I lived in Colorado during the early 2000s, and when I couldn’t stand to hear another bluegrass or jam band (or even worse, jamgrass), DeVotchKa was a local band I could have pride in.
DeVotchKa’s music was a theatrical blend of indie rock and old world influences; from waltz to mariachi to Spaghetti Westerns to tango…all this globetrotting held together by solid songcraft and the Jeff Buckley-esque voice of Nick Urata.
Devotchka seemed like the most uniquely talented band to remain fairly unknown. Then in 2008 they were featured on the Little Miss Sunshine soundtrack, introducing the band to a much wider audience on the strength of the melancholic single “How it Ends.” Around this time, I sort of lost track of the band, so The Night Falls Forever, their first album in seven years, came as a surprise to me. And what a nice surprise it was.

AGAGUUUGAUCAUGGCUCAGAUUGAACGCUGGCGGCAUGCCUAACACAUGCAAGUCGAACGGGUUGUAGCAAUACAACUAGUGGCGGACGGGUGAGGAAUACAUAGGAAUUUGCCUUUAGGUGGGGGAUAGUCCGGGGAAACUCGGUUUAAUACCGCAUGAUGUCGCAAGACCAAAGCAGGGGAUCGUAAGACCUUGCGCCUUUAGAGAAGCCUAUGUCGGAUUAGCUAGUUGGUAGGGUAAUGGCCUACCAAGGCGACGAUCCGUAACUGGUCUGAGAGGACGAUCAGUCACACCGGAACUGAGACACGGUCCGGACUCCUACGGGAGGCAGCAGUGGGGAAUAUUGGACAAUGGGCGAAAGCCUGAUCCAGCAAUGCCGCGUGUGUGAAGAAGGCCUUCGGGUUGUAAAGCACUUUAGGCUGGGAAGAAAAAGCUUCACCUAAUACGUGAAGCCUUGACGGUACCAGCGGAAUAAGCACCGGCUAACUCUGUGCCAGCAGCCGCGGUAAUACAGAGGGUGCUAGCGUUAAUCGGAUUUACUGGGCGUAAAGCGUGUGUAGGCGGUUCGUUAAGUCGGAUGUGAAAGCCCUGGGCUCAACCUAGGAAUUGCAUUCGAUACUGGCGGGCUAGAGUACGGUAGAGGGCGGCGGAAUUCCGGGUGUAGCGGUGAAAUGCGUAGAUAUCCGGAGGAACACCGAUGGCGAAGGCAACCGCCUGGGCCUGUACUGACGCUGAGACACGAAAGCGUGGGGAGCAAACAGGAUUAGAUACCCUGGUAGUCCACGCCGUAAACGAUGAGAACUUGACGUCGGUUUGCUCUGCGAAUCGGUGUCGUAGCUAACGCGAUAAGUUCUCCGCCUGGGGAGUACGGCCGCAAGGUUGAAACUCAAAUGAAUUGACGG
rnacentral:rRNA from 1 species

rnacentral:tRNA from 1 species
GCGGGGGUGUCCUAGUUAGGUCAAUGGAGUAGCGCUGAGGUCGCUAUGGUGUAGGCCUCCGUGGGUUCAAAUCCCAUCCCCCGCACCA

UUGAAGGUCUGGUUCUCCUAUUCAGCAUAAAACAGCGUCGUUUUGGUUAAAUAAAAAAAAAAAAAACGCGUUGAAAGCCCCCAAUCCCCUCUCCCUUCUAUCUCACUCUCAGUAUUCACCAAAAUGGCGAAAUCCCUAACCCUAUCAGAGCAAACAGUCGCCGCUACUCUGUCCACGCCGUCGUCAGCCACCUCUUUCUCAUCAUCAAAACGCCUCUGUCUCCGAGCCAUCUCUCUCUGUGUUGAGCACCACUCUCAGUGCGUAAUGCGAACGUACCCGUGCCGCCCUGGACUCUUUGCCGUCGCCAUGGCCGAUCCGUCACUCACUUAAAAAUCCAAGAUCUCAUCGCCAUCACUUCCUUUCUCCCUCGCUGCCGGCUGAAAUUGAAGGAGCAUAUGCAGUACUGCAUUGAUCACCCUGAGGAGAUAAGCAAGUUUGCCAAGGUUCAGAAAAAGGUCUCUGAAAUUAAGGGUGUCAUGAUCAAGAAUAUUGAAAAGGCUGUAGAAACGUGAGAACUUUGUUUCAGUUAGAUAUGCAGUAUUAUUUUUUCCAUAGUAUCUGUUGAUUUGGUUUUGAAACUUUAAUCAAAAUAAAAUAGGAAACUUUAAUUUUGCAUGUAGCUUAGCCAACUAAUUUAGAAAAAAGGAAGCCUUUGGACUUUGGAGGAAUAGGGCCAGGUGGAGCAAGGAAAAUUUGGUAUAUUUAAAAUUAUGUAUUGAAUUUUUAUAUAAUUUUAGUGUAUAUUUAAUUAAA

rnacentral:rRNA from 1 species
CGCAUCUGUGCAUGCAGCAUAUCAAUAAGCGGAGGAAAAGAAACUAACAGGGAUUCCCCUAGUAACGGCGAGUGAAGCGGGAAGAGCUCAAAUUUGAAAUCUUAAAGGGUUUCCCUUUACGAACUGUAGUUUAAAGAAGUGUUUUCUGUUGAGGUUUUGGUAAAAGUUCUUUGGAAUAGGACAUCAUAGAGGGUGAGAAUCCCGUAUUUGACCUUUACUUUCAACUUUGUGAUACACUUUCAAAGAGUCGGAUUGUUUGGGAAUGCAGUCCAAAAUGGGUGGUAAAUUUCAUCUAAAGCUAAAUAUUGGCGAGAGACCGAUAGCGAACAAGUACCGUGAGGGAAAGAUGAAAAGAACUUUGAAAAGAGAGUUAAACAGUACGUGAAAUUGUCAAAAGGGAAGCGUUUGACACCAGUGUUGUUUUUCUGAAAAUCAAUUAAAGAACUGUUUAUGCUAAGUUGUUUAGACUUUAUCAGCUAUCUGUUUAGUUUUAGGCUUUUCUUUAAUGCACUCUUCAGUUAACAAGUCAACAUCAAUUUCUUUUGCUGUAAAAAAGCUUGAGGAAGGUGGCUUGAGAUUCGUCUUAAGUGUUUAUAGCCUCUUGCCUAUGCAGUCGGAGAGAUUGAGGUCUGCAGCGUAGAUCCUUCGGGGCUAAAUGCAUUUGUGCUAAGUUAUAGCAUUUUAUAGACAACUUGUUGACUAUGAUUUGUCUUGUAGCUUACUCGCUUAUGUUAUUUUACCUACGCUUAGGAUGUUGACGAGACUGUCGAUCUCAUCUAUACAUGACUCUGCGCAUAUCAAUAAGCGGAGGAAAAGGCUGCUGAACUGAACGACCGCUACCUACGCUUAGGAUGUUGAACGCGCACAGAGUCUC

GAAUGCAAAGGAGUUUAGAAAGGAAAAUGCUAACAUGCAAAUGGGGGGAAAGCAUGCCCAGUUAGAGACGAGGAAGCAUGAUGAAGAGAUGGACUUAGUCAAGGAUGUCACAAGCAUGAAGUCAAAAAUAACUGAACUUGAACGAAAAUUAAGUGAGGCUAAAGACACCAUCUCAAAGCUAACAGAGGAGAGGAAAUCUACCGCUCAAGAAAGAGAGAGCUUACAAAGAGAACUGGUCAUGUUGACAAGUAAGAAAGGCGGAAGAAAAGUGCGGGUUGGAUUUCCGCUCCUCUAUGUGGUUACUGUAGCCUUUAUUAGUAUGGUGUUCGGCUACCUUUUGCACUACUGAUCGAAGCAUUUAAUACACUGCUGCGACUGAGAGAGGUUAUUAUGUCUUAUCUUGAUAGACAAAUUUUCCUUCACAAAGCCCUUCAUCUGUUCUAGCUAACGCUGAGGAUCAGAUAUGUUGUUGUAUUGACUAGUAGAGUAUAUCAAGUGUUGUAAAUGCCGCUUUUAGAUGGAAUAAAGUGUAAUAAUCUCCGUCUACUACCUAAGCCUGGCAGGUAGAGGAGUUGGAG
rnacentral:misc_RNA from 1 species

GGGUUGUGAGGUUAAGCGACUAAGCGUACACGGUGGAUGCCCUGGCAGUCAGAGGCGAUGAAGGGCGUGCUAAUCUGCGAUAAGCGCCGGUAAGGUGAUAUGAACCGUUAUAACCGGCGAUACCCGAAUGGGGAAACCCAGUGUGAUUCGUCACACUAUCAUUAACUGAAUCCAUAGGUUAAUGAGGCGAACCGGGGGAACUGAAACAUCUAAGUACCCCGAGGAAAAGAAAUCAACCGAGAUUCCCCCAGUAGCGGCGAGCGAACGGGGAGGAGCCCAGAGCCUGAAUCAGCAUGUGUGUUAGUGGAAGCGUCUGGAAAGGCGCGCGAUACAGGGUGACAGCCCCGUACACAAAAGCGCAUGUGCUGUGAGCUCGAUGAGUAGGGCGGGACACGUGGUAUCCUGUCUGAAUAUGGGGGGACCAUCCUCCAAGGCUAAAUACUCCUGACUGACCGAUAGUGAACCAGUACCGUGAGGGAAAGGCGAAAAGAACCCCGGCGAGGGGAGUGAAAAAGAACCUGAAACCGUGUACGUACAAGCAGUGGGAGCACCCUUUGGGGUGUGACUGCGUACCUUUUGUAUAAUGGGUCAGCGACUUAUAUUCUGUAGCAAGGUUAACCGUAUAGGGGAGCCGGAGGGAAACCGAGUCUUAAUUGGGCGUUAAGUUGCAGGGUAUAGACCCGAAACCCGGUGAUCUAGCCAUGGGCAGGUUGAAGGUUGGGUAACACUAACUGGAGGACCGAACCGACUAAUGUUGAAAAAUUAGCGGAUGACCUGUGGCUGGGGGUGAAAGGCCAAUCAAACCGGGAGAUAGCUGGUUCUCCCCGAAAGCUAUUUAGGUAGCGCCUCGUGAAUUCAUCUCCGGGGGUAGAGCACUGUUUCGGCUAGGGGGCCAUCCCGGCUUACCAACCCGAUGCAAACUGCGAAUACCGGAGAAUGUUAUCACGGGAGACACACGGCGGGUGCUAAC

Over 20 years into their career, DeVotchKa continue to incorporate worldly theatrics with anthemic indie rock, sounding a bit like The National if they pretended to be 1920s Russians and were into burlesque. A few songs, like “Empty Vessels” and “Lose You in a Crowd”, lean a little towards generic U2 style melodrama, but that’s hardly a complaint, as every song is good, with solid hooks and anthemic peaks.
“Done With Those Days” revisits their classic Southwestern sound and high lonesome whistling, while “Angels” has a guitar lead that sounds like it came from Grandaddy, another under recognized early 2000s band. “Second Chance” closes the album with a Walkmen-esque cool dad swagger, sweeping strings, and a whistle goodbye, just as Morricone would’ve wanted it.
The Night Falls Forever is a fantastic reunion that will get many plays from me, and a deeper dive into their back catalog.